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Wondrous Words Wednesday

July 13, 2011

Wondrous Words Wednesday is a weekly meme where we share new (to us) words that we’ve encountered in our reading.  If you want to play along, grab the button, write a post and come back and add your link to Mr. Linky!

Carl and I were recently in Ballymena, Northern Ireland – when I was speaking with people one on one I had no problem understanding them, but when they were in a group, it was a different story.  And here I thought we spoke the same language!  I came across a magazine published by The Ballymena and Antrim Times and it had a great article on Ballymena expressions that I thought was a lot of fun, so I thought I’d share a few here.

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“A called thon boy a bloonhead and a had to take my baters, a’m mad, amint a?”

The magazine didn’t define all the words, but here’s the meaning of some of those unfamiliar words:

A – Reference to oneself.  This is pronounced with the short a sound.

Baters – The appendages at the end of your legs: feet.

Amint – A plea for reassurance often sued by children.  Derived from “Am I Not?”

Bloonhead – A person with a balding pate.

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Have you discovered any new words lately?

28 Comments leave one →
  1. July 13, 2011 4:10 am

    Lol, yes I am sure not getting any of that

  2. July 13, 2011 4:31 am

    Haha I agree with blodeuedd. I don’t think I can remember them. I like the word, “bloonhead” though 😀

  3. July 13, 2011 4:40 am

    That’s so “cool.” Did know you had gone off to Northern Ireland and come back. Did I miss the photos?? These words are like Greek to me.

  4. July 13, 2011 6:14 am

    The thing with Irish expressions is, I feel they lose a lot of strength on paper. Thanks for sharing!

  5. July 13, 2011 7:09 am

    The Irish have an extraordinary language and accent don’t they? Great expressions. I particularly like bloonhead.

  6. July 13, 2011 8:59 am

    I would have never guessed the meanings to any of these words! Thanks for sharing these today, they are fascinating!

  7. July 13, 2011 9:15 am

    I’ve known several bloonheads in my day but didn’t know what to call them. Now I do. 🙂

  8. July 13, 2011 9:37 am

    How fun! It’s interesting how different the various dialects and forms of English are. Thanks for sharing.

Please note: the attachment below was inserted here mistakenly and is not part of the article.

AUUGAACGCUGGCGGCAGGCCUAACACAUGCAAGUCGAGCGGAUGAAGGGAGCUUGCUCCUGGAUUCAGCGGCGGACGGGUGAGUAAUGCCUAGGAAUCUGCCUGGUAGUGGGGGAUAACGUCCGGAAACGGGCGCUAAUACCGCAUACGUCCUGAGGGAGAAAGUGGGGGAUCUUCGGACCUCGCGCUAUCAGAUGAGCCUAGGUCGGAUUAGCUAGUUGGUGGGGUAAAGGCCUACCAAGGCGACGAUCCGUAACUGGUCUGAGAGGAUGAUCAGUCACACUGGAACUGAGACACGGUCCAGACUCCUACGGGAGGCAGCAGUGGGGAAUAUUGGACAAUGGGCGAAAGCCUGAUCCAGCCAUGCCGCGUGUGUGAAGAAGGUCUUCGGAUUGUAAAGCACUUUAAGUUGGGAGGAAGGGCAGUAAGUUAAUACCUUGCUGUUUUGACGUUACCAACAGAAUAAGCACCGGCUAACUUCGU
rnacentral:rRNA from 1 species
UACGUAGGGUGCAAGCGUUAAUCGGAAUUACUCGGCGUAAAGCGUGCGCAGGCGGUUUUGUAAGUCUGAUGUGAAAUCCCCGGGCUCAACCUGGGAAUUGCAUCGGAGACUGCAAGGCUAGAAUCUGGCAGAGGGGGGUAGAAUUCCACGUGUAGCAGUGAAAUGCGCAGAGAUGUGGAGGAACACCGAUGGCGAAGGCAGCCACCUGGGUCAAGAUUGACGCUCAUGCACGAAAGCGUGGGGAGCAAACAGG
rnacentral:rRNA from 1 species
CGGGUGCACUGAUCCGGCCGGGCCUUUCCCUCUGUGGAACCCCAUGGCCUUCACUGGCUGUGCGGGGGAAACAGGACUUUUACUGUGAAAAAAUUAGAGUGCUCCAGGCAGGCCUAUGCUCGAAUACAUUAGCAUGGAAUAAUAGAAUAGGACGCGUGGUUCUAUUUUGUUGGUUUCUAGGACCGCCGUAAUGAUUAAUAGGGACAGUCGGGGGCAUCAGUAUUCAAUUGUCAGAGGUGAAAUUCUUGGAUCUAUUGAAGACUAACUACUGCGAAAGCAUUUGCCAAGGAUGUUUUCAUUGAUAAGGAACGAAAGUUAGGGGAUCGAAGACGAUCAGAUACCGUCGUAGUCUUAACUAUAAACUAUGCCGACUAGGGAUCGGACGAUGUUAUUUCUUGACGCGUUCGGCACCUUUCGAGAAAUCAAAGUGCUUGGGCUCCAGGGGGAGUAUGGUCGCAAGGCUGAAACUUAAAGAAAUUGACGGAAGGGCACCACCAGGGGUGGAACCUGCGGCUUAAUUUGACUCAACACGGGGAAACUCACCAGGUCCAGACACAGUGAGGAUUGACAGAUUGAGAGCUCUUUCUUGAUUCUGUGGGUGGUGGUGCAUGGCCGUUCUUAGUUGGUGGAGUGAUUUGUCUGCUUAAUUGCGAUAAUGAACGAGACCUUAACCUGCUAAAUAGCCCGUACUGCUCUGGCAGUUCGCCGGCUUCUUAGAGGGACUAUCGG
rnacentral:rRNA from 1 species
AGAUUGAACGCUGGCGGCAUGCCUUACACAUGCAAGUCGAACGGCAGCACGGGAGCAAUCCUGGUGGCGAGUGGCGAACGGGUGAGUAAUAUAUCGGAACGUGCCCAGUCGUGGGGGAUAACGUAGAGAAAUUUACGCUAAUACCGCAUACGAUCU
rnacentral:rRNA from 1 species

9. July 13, 2011 10:16 am

    Love bloonhead! I can use it today, even! :–)

  10. July 13, 2011 10:25 am

    Those are wonderful! I’ve never been to Ireland, but I have a terrible time understanding all those Irish accents on PBS. Would love to visit there someday.

  11. July 13, 2011 10:47 am

    “Amint” – I thought that was only an Edinburgh contraction! Everywhere else in the world, “am I not” is contracted to “aren’t I” but my husband and his family from Edinburgh all say “amn’t I”. So it is interesting to hear that it is present in N Ireland too!

  12. July 13, 2011 11:05 am

    Difficult to understand to me !

  13. July 13, 2011 11:15 am

    Excellent words. Gotta love those Irish.

  14. July 13, 2011 11:37 am

    What fun word. Thanks for sharing. I wonder if I can get away with using bloonhead.

  15. July 13, 2011 12:18 pm

    Hi Kathy,

    It has often been said, that Britain and America, are two nations divided by a common language.

    There is a definite regional divide between dialects and colloquialisms within Britain, that make this argument just as valid within our own borders.

    I love all of those words and have heard a couple of them spoken by a work colleague of mine, who originally came from the North East of England, where that same harsh, gutteral accent is prevelant.

    The one I hadn’t come across before and which I must try dropping into a conversation with my colleague, just to gauge her reaction, is ‘bloonhead’, although I fear that I may end up with a kick up the backside with her ‘blaters’ for my trouble!!!

    What a fun post

  16. July 13, 2011 1:07 pm

    How strange that you could understand people one on one but not in a group. It must have been very confusing. Hope the trip was loads of fun.

  17. July 13, 2011 1:56 pm

    Love that phrase, especially bloonhead. I think I would have a fair amount of difficulty in Ireland, too — all the more frustrating for believing that I should understand what’s being said.

  18. Beth Hoffman permalink
    July 13, 2011 3:19 pm

    The word bloonhead made me laugh out loud!

  19. July 13, 2011 5:00 pm

    Fun post this week! Bloonhead takes the cake!

  20. July 13, 2011 5:11 pm

    I would definitely need a translator if I visited Ireland. I didn’t know what the sentence meant.

  21. July 13, 2011 5:34 pm

    LOL I like the last one.

  22. July 13, 2011 7:07 pm

    I had to smile when you wrote about being in the middle a group Irish with their wonderful brough. 🙂

  23. July 13, 2011 8:13 pm

    These are great fun! Thanks for sharing them! I’m a little late this week, but finally got mine up,.

  24. July 13, 2011 9:07 pm

    I love this post. And to think we speak the same language.

  25. July 14, 2011 11:17 am

    “Bloonhead.” What a great word. The Irish (northern or republican) are so gifted with language.

  26. July 14, 2011 9:06 pm

    I loved that!! I’m in awe of dialects and how they translate for us!!

  27. July 17, 2011 8:17 am

    I laughed when I saw “A”.

    Sounds like what we Canadian say all the time… “A-” ” Aie” at the end of each sentence. You should look up some of the Great White North jokes to hear the gist of our famous “Aie”. 🙂

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